In 1488, the first four-masted warship to be built for the English Royal Navy was masted and rigged in Rye shipyard.
The hull and decks were constructed at the Smallhythe and Reading shipyards near to Tenterden.
The ship was named Regent and its keel was laid at Reading in 1486. Henry VII visited the Reading yard in 1487 to review its progress with Regent and he went on to visit Rye and Winchelsea.
Regent was repaired, enlarged, and refitted between 1510 and 1511. And in the year 1512 she was totally lost in battle in the Atlantic, just off the westmost peninsula of Brittany.
August 10 this year will be the five hundredth anniversary of the loss of Regent, of the loss of hundreds and hundreds of its company: commander and sailors; gunners and marines.
What happened that day was effectually the first vast-scale catastrophe for the Royal Navy and for the Confederation of the Cinque Ports.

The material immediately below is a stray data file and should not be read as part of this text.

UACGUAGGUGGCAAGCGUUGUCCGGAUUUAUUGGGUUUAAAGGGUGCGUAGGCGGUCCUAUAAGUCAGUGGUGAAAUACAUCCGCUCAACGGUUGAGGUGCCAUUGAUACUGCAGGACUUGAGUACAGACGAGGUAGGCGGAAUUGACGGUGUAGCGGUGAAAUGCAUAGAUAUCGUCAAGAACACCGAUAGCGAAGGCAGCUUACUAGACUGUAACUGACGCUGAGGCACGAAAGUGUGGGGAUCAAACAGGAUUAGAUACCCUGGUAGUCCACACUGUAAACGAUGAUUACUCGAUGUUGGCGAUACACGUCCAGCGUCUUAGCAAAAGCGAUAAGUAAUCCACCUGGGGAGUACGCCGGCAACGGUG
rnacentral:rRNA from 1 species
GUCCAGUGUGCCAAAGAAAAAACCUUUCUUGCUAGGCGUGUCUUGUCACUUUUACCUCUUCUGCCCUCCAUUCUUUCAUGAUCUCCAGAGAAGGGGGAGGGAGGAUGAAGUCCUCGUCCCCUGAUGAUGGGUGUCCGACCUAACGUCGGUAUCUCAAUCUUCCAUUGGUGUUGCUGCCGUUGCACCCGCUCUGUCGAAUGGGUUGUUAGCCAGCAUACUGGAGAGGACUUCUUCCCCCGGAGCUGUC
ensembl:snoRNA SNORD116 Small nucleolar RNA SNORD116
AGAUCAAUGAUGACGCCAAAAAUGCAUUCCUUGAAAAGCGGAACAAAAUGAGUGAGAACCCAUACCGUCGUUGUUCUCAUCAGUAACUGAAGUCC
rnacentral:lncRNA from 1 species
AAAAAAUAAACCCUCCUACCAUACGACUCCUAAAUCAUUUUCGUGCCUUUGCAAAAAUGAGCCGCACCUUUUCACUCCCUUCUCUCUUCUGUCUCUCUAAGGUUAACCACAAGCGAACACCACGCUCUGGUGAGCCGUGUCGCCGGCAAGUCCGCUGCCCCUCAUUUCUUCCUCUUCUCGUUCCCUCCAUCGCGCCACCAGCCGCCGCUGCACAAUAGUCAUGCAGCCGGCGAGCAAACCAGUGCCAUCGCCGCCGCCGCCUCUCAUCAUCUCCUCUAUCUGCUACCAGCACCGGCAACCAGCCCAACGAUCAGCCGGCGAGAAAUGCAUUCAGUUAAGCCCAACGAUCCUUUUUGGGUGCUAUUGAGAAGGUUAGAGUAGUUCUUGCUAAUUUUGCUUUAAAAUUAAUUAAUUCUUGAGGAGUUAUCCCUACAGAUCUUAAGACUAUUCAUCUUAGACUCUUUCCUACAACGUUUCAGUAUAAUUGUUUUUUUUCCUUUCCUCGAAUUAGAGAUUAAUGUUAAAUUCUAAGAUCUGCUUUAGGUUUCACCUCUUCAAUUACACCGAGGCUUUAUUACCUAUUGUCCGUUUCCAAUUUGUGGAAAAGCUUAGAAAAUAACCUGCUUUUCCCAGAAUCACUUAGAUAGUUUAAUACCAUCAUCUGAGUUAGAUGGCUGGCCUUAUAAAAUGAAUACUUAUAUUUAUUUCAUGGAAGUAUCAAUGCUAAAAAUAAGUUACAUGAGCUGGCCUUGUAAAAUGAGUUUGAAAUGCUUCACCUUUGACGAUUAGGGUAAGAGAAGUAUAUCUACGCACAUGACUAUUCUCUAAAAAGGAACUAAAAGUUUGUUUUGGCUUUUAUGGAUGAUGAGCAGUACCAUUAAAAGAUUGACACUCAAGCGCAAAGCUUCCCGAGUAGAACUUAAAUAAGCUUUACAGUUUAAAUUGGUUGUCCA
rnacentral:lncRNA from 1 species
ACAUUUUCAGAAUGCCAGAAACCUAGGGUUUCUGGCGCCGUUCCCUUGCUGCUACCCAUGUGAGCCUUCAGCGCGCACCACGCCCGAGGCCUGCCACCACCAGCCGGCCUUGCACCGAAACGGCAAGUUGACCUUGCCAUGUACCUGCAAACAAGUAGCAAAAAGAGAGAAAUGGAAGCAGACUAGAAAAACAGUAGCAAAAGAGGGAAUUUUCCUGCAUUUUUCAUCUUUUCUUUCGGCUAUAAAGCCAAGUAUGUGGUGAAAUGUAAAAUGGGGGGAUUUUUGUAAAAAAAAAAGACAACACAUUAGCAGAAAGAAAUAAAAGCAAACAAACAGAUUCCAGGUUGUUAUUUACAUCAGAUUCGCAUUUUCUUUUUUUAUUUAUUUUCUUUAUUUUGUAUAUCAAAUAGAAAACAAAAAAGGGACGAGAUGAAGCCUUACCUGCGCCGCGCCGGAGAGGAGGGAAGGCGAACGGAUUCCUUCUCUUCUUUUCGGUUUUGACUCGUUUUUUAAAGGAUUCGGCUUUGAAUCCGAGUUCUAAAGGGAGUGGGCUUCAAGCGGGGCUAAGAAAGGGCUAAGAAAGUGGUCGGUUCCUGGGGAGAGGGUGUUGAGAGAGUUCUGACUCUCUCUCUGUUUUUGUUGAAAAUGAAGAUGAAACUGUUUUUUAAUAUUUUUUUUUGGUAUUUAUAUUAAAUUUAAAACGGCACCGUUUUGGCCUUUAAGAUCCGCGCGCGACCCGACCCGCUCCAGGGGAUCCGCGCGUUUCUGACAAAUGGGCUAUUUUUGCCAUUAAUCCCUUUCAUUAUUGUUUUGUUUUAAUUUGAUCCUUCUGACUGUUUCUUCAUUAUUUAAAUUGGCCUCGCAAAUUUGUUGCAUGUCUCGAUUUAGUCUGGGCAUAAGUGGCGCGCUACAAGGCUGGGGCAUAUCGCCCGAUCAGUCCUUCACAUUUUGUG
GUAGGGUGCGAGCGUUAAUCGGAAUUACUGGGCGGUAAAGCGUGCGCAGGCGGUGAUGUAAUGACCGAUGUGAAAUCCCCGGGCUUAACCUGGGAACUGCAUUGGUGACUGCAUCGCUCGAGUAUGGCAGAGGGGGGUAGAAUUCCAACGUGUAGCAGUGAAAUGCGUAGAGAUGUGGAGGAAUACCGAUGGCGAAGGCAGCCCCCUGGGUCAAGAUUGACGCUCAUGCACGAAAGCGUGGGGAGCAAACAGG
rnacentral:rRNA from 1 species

Perhaps this five hundredth anniversary should be formally and ceremonially remembered in August?
Incidentally, the original construction of Regent was superintended by Sir Richard Guldeford as Master of Ordnance and Comptroller on behalf of the man who knighted him just before clobbering Richard III.
Sir Richard owned or was awarded manors at Rolvenden, Benenden, and Higham (Winchelsea).
He was the superintendent of the claiming of the Guldeford Levels from the sea to form south-west sector of Walland Marsh; he sponsored the building of the chapel of East Guldeford Saint Mary; and he presided over the construction of a fortified blockhouse and tower around year 1497 on the site that was eventually the base for Camber Castle.
It is possible that the extraordinary and tragic saga of the Regent might be of more concern and interest to some readers when compared to whatever Henry VIII muttered to Anne Boleyn in 1526.
North Salts, Rye